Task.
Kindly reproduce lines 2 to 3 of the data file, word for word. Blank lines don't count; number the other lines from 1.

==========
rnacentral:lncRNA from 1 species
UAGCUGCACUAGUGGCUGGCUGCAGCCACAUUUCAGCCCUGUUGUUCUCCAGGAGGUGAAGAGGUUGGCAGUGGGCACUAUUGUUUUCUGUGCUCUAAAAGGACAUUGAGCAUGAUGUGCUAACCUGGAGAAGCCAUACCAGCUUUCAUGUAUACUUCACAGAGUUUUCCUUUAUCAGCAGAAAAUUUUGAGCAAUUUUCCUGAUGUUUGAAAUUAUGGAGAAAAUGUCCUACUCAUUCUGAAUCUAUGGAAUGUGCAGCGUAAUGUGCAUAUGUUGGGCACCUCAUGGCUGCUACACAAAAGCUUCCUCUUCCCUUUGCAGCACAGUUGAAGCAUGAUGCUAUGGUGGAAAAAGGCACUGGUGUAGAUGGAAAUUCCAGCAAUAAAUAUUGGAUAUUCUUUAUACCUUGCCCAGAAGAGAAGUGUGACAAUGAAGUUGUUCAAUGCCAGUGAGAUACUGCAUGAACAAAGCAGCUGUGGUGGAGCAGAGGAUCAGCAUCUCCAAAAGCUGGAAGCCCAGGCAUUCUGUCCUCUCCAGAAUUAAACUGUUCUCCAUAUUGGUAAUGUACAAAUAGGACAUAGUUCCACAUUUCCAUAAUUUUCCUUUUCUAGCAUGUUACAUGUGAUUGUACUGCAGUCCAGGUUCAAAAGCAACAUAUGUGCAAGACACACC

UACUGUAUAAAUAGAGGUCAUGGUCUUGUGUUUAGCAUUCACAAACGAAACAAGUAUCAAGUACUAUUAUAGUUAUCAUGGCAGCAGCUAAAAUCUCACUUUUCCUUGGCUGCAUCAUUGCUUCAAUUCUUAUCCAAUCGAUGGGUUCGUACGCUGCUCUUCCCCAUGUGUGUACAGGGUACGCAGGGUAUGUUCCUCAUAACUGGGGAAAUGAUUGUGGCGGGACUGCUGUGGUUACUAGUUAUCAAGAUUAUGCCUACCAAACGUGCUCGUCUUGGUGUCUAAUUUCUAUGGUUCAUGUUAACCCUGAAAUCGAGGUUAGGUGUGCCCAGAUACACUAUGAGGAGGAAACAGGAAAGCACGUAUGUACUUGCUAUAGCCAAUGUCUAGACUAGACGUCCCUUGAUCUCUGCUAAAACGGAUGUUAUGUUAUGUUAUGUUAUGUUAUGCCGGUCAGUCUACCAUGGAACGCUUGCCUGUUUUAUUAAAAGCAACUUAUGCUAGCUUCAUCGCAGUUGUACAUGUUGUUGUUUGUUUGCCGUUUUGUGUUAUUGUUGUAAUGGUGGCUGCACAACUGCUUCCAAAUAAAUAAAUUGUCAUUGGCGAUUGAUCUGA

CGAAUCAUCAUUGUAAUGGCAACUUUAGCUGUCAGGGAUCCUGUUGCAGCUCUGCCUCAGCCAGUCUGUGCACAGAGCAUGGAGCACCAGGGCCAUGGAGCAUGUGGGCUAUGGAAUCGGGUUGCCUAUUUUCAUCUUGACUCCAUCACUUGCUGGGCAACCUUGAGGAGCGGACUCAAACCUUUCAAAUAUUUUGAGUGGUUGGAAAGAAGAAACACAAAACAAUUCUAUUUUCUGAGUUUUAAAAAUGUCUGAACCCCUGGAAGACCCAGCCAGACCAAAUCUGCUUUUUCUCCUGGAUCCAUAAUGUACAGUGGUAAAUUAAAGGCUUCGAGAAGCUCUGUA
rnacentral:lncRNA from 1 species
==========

UAGCUGCACUAGUGGCUGGCUGCAGCCACAUUUCAGCCCUGUUGUUCUCCAGGAGGUGAAGAGGUUGGCAGUGGGCACUAUUGUUUUCUGUGCUCUAAAAGGACAUUGAGCAUGAUGUGCUAACCUGGAGAAGCCAUACCAGCUUUCAUGUAUACUUCACAGAGUUUUCCUUUAUCAGCAGAAAAUUUUGAGCAAUUUUCCUGAUGUUUGAAAUUAUGGAGAAAAUGUCCUACUCAUUCUGAAUCUAUGGAAUGUGCAGCGUAAUGUGCAUAUGUUGGGCACCUCAUGGCUGCUACACAAAAGCUUCCUCUUCCCUUUGCAGCACAGUUGAAGCAUGAUGCUAUGGUGGAAAAAGGCACUGGUGUAGAUGGAAAUUCCAGCAAUAAAUAUUGGAUAUUCUUUAUACCUUGCCCAGAAGAGAAGUGUGACAAUGAAGUUGUUCAAUGCCAGUGAGAUACUGCAUGAACAAAGCAGCUGUGGUGGAGCAGAGGAUCAGCAUCUCCAAAAGCUGGAAGCCCAGGCAUUCUGUCCUCUCCAGAAUUAAACUGUUCUCCAUAUUGGUAAUGUACAAAUAGGACAUAGUUCCACAUUUCCAUAAUUUUCCUUUUCUAGCAUGUUACAUGUGAUUGUACUGCAGUCCAGGUUCAAAAGCAACAUAUGUGCAAGACACACC

UACUGUAUAAAUAGAGGUCAUGGUCUUGUGUUUAGCAUUCACAAACGAAACAAGUAUCAAGUACUAUUAUAGUUAUCAUGGCAGCAGCUAAAAUCUCACUUUUCCUUGGCUGCAUCAUUGCUUCAAUUCUUAUCCAAUCGAUGGGUUCGUACGCUGCUCUUCCCCAUGUGUGUACAGGGUACGCAGGGUAUGUUCCUCAUAACUGGGGAAAUGAUUGUGGCGGGACUGCUGUGGUUACUAGUUAUCAAGAUUAUGCCUACCAAACGUGCUCGUCUUGGUGUCUAAUUUCUAUGGUUCAUGUUAACCCUGAAAUCGAGGUUAGGUGUGCCCAGAUACACUAUGAGGAGGAAACAGGAAAGCACGUAUGUACUUGCUAUAGCCAAUGUCUAGACUAGACGUCCCUUGAUCUCUGCUAAAACGGAUGUUAUGUUAUGUUAUGUUAUGUUAUGCCGGUCAGUCUACCAUGGAACGCUUGCCUGUUUUAUUAAAAGCAACUUAUGCUAGCUUCAUCGCAGUUGUACAUGUUGUUGUUUGUUUGCCGUUUUGUGUUAUUGUUGUAAUGGUGGCUGCACAACUGCUUCCAAAUAAAUAAAUUGUCAUUGGCGAUUGAUCUGA